The aim of the workshp was to gather together the group of people working on next generation measures of science based on the Web. Importantly, as organizers, Jason, Dario and I wanted to encourage the growth of the scientific side of altmetrics.
The workshop turned out to be way better than I expected. We had roughly 36 attendees, which was way beyond our expectations. You can see some of the attendees here:
There was nice representation from my institution (VU University Amsterdam) including talks by my collaborators Peter van den Besselaar and Julie Birkholtz. But we had attendees from Israel, the UK, the US and all over Europe. People were generally excited about the event and the discussions went well (although the room was really warm). I think we all had a good time the restaurant, the Alt-Coblenz – highly recommended by the way-and an appropriate name. Thanks to the WebSci organizing team for putting this together.
We had a nice mix of social scientists and computer scientists (~16 & 20 respectively). Importantly, we had representation from the bibliometrics community, social studies of science, and computer science.
Importantly, for an emerging community, there was a real honesty about the research. Good results were shown but importantly almost every author discussed where the gaps were in their own research.
Two discussions come to the fore for me. One was on how we evaluate altmetrics. Mike Thelwall who gave the keynote (great job by the way) suggests using correlations to the journal impact factor to help demonstrate that there is something scientifically valid that your measuring. What you want is not perfect correlation but correlation with a gap and that gap is what your new alternative metric is then measuring. There was also the notion from Peter van den Besselaar is that we should look more closely our how our metrics match what scientists do in practice (i.e. qualitative studies). For example, do our metrics correlate with promotions or hiring. The second discussion was around where to go next with altmetrics. In particular, there was a discussion on how to position altmetrics in the research field and really it seemed to position itself within and across the fields of science studies (i.e scientometrics, webometrics,virtual ethnograpy ). Importantly, it was felt that we needed a good common corpus of information in order to comparative studies of metrics. Altmetrics has the problem of data acquisition. While some people are interested in that others want to focus on metric generation and evaluation. A corpus of traces of science online was felt to be a good way to interconnect both data acquisition and metric generation and allow for such comparative studies. But how to build the corpus….Suggestions welcome.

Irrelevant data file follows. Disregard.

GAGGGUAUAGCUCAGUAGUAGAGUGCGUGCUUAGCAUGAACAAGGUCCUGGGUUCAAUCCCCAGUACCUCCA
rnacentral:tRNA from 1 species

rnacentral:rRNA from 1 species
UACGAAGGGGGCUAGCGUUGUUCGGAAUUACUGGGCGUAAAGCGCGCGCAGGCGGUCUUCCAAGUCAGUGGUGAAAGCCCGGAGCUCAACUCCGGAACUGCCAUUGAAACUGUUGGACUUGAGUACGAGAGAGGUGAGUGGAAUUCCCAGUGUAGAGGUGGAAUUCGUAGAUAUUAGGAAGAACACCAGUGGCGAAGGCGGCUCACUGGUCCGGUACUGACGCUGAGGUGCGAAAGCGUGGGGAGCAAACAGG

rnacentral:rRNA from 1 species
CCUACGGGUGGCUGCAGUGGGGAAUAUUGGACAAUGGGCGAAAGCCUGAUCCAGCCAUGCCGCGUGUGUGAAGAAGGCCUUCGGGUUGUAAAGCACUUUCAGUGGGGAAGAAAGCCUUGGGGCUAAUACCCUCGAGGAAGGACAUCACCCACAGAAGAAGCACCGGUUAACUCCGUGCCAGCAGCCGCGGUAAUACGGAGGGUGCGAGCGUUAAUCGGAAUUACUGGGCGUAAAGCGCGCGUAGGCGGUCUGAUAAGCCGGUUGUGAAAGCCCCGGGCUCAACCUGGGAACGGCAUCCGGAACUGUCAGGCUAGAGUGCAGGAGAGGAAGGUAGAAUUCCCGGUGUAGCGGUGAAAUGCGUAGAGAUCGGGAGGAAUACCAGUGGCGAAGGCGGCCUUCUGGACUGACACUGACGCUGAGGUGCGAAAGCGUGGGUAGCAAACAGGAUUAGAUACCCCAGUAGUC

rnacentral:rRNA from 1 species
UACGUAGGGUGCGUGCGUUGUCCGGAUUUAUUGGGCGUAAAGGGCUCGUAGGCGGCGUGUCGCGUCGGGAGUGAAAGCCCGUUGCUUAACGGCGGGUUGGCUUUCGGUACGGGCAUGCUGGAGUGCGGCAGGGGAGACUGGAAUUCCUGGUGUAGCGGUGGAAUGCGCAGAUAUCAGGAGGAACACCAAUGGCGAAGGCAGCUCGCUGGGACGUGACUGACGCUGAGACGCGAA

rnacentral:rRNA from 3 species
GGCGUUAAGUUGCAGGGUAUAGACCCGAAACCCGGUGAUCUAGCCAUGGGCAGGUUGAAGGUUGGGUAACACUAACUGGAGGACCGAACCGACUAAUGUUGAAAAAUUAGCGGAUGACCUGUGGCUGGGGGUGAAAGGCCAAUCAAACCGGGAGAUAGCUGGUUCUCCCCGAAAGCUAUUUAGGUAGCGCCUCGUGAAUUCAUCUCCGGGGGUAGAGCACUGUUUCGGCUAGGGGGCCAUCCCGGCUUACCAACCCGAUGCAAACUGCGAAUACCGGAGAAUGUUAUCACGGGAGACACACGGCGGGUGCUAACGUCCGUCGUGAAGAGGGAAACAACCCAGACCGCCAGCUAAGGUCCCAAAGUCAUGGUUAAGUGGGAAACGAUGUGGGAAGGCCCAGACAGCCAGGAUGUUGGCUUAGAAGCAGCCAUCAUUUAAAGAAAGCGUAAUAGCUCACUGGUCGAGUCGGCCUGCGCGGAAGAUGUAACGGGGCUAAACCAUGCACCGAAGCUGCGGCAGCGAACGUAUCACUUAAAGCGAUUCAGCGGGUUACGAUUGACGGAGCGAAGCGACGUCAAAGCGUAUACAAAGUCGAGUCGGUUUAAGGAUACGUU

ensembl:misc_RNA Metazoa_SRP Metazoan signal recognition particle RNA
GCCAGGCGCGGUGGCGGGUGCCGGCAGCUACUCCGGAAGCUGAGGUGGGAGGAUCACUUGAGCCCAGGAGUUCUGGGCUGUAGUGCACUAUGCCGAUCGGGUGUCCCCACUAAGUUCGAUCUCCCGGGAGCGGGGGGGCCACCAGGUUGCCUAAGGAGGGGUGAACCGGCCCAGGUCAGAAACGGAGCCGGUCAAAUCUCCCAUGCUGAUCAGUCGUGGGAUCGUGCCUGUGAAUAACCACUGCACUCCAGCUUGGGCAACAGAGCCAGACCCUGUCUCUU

The attendees wanted to have an altmetrics12 so I’m pretty sure we will do that. Additionally, we will have some exciting news soon about a journal special issue on altmetrics.
Some more links:
Also, could someone leave a link to the twitter archive in the comments? That would be great.